I think 2012 will be interesting, and 2013 even more so.

    Thanks again for your blog Chris and keeping us all motivated and full of hope. As we certainly do all need hope that the climate will change to more favorable weather.

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    1. very helpful! thanks.

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  7. Chris, thank you so much for covering this conference.
    I noticed you said Mella and Fluge have some negative findings. This implies they also found something positive. Did they elaborate on those positive findings or are they keeping quiet until their research is published?

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  8. thanks for this, chris.

    hmm. why would peterson purposefully mispronounce mikovits' name?

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    1. I am not a fan of Peterson. What more can be said at this time.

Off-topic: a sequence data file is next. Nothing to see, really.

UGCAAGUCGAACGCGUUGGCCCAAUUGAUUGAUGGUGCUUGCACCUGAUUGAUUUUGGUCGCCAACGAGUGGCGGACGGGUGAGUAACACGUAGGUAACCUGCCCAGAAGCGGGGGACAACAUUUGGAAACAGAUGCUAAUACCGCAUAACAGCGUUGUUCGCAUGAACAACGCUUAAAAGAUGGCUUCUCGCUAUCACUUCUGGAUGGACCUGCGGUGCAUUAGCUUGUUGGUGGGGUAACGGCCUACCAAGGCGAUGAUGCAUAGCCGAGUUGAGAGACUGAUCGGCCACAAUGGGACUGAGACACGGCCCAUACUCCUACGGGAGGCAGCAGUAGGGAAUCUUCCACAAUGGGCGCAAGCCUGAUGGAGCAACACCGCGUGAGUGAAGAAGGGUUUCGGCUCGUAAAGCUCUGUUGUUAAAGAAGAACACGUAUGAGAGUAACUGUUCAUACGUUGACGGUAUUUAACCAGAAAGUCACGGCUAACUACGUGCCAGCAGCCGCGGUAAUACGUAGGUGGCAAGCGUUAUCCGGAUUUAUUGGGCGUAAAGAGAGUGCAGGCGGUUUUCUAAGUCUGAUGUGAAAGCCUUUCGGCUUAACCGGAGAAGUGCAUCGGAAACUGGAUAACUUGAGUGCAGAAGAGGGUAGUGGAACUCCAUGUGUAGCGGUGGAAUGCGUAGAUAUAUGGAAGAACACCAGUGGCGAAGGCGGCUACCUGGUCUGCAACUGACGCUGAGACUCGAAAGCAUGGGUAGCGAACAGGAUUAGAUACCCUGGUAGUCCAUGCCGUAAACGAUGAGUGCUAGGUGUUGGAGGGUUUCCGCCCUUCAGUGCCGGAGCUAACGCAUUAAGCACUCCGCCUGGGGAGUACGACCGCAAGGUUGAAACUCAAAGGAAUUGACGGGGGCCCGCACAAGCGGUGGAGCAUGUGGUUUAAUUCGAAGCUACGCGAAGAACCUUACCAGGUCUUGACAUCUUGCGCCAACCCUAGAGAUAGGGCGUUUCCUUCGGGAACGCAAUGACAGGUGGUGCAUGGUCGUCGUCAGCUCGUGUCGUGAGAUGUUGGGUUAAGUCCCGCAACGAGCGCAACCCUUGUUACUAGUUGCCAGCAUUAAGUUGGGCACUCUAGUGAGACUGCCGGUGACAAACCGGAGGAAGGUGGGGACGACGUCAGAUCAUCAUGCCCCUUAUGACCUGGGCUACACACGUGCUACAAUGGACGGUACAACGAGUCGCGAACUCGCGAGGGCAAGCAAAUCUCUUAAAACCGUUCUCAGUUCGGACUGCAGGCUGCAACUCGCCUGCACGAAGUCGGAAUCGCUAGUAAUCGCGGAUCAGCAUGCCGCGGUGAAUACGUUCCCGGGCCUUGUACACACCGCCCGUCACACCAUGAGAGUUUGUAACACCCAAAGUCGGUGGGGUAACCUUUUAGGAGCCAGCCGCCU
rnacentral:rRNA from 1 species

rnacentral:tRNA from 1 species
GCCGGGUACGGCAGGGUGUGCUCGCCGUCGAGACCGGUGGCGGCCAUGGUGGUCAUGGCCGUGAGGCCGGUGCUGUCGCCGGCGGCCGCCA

The evidence only supports that ME patients are infected with MRVs. The same goes for prostate cancer patients.

      None of these viruses are XMRV.

      The "Lipkin" study is not a replication study.
      http://me-advocacy.com/Lipkin_study_cohort_problem.html

      There is no evidence that a recombinant virus was created in the 90s.

      The 22Rv1 cells have not been shown to contain the XMRV.
      http://me-advocacy.com/Missing_22Rv1_env_region.html

      Patients deserve science not opinion.

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  9. Maureen Hanson found MRVs in Bells Canadian criteria patients using clinically validated assays. She could find no virus in Levine's Fukuda patients or with assays that were not clinically validated.

    It is simple. They have to clinically validate their assays, which so far they NONE of the negative studies have done and they need to use the Canadian criteria.

    So what is Lipkin doing using a criteria in the NIH/Fauci study that isn't the Canadian criteria? The paper is already invalid.